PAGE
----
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Best Practices Guide for Setting up Segments

What are Segments?

As a SaaS company grows, customer segmentation becomes an important tool not just for the Customer Success team but also for the entire company. 

Segments help you bucket your customers and users into cohorts with similar characteristics and needs. Segmentation also helps you to run programs, services and prioritizations that are tailored to each cohort. An appropriate segmentation is key to:

  1. Maximising retention
  2. Driving product adoption and increasing revenue from each customer
  3. Take key decisions about the growth of the business by backing it up with solid, actionable data.

What are the Key SaaS Metrics that Segments influence?

Customer Segmentation is the very first step to defining your customer success strategies. They also become the basis for defining SaaS metrics. Here are some of the major metrics they tend to influence:

  1. Customer Onboarding Costs: This is where customer segmentation becomes absolutely critical. How much time and human effort is spent in onboarding a new customer depends on multiple factors such as Contract Value, Plan Purchased, Success Criteria etc.  You wouldn't want to spend hours and hours on onboarding an SMB customer where the implementation is far simpler and can be achieved effectively using automation. Whereas, you'd want to spend more time on onboarding an enterprise customers that has a fairly complex scope of implementation which is difficult to achieve using automation.

  2. CSM Effort/Hours: Similar to onboarding costs, CSMs' time is extremely valuable and you would want to use these limited hours available to you, efficiently. Imagine your company currently has about 50 customers which can easily be managed by 3 CSMs
    (Each handling 15/16 customers). As your company and customer base increases, would you keep adding a new CSM per every 15 new customers that you acquire? It's not a scalable option, right? Hence, as your customer base grows, you need to segment your customers in a way that allows you to use CSM hours wisely and enable automation wherever possible.
  3. Active Users (DAU/MAU): While tracking active users on your platform, segmentation plays an important role since you cannot compare the Active users of two accounts that have a huge difference between the number of licenses they’ve purchased. Hence, the key is to identify specific buckets of Customers based on the number of licenses they have purchased and then arrive at an accurate comparison of DAU/MAU.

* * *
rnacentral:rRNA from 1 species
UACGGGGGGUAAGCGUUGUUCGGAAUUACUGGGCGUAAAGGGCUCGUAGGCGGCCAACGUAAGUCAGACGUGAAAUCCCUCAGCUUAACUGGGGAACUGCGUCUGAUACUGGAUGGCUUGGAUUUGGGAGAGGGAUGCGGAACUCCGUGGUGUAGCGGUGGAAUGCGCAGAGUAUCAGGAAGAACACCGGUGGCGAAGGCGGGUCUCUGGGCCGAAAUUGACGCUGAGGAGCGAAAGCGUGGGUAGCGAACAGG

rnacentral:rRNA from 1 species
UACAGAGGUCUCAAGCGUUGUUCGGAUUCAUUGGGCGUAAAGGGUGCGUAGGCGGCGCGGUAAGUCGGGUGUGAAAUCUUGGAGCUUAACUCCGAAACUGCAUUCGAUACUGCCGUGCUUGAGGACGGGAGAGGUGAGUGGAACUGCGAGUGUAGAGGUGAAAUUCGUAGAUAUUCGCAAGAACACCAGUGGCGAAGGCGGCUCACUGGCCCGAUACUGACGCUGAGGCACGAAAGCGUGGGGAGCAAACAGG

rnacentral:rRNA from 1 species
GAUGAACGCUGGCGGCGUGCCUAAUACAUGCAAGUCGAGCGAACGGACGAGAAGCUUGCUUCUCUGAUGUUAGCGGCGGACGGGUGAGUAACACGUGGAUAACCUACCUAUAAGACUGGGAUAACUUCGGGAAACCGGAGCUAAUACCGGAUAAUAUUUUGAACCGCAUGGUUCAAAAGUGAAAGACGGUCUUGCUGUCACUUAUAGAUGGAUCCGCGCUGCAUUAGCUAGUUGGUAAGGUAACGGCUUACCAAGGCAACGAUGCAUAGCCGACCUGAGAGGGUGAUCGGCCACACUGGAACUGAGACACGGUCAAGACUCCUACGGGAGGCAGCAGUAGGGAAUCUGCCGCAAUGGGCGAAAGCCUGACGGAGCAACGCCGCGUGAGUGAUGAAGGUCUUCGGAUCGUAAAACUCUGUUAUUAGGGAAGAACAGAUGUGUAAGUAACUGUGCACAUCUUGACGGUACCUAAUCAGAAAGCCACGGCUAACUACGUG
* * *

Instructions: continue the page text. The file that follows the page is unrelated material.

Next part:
4. Customer Health: This goes without saying that customer health is greatly dependent on the segments that we have created for the customer base. Since no two customers are the same and their expectations and requirements are different it becomes imperative to capture health differently for these customers.

Recommendations for Setting up Segments in CustomerSuccessBox

At CustomerSuccessBox, you can segment Accounts and Users separately. I’m listing down some of the key/primary factors to be considered while segmenting customers:

1. Account Segmentation based on MRR/ARR ($)

The most logical segmentation of customers is based on the amount (Monthly Recurring Revenue (MRR)) they are paying.  Think of this as how do you prioritise your customers in your internal meetings. Here is one of the examples of how segmenting can be useful in setting up Health Parameters :

  • Plan/Pricing Based Structure

    Pricing Plans
    Features Included

    F1, F2
    F1, F2, F3
    F1, F2, F3, F4, F5

    Based on the plans offered to customers, you would want to calculate the health of customers in the Starter plan based on F1 and F2 whereas you would want to calculate the health of Enterprise customers by including F3, F4 and F5 as well. In fact, you would want to calculate health separately if the customer in the enterprise plan is using the features for which they are paying extra. If they are not using those features, they might downgrade.

    So the Segments at CustomerSuccessBox could be:
    • Starter
    • Business
    • Enterprise
  • For a Single Product: If you have a single product and flat product price, you can do the segmentation based on MRR / Annual Recurring Revenue (ARR) (as per your payment terms). If you create Segments based on tiers you could observe your SMB customers and plan to automate few things for them whereas if you have segmented Enterprise customers you could plan a different set of activities like visiting them, setting up Quarterly Business Reviews (QBRs),  creating various other necessary touch points.

    So the Segments at CustomerSuccessBox could be:

    • Tier 1 -with MRR > $Y

    • Tier 2 - with $X < MRR < $Y

    • Tier 3- with MRR < $X

2. Account Segmentation based on Customer Lifecycle Journey:

Every customer is looking at different outcomes at different stages of their journey. You would want to strategically organize Accounts into various segments based on their stage. This also helps the Customer Success team to organize their portfolio and proactively identify off-track customers. Moving forward, you could also create playbooks for making customers successful at each stage.